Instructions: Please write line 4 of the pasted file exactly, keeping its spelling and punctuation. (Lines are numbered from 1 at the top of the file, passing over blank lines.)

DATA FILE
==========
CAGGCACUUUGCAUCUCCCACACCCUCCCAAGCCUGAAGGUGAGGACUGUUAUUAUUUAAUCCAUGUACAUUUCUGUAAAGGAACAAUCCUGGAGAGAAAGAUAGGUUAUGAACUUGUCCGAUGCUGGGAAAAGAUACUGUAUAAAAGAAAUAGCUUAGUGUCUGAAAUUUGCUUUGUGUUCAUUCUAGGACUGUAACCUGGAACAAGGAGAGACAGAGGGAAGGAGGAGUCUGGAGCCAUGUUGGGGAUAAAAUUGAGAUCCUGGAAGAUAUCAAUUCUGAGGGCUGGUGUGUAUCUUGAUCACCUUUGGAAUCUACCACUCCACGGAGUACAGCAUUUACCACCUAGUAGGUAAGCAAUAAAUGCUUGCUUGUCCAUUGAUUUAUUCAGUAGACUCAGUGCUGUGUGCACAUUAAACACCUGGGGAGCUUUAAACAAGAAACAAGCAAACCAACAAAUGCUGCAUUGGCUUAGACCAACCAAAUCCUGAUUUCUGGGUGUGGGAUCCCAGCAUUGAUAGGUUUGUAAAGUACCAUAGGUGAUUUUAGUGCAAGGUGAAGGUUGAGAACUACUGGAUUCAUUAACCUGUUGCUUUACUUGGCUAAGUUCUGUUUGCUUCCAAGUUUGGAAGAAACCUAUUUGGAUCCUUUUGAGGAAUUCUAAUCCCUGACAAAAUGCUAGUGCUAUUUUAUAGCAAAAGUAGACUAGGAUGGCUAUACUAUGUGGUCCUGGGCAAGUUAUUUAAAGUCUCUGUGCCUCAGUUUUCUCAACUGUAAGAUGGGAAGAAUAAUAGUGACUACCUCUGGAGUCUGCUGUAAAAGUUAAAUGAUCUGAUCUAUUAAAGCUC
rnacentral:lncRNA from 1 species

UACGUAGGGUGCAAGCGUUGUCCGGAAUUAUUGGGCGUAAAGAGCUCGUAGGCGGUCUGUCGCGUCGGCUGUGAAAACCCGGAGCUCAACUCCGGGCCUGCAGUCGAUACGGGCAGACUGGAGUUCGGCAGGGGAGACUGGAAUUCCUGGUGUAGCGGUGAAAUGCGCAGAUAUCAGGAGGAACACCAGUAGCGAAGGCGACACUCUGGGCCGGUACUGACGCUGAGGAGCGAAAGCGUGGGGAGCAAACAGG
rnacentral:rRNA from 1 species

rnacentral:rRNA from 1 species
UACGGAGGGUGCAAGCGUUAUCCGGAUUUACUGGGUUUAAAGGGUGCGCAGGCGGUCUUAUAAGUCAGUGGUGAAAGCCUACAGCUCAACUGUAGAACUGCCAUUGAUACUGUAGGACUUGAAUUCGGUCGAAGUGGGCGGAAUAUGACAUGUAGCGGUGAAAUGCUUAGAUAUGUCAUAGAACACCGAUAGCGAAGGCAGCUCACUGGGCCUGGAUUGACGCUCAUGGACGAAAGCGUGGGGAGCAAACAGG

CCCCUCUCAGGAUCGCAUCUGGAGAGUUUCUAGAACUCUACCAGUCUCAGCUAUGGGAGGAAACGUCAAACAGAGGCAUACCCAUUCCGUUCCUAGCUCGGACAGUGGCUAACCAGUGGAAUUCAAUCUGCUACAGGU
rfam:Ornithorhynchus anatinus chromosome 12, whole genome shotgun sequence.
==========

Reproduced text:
rnacentral:rRNA from 1 species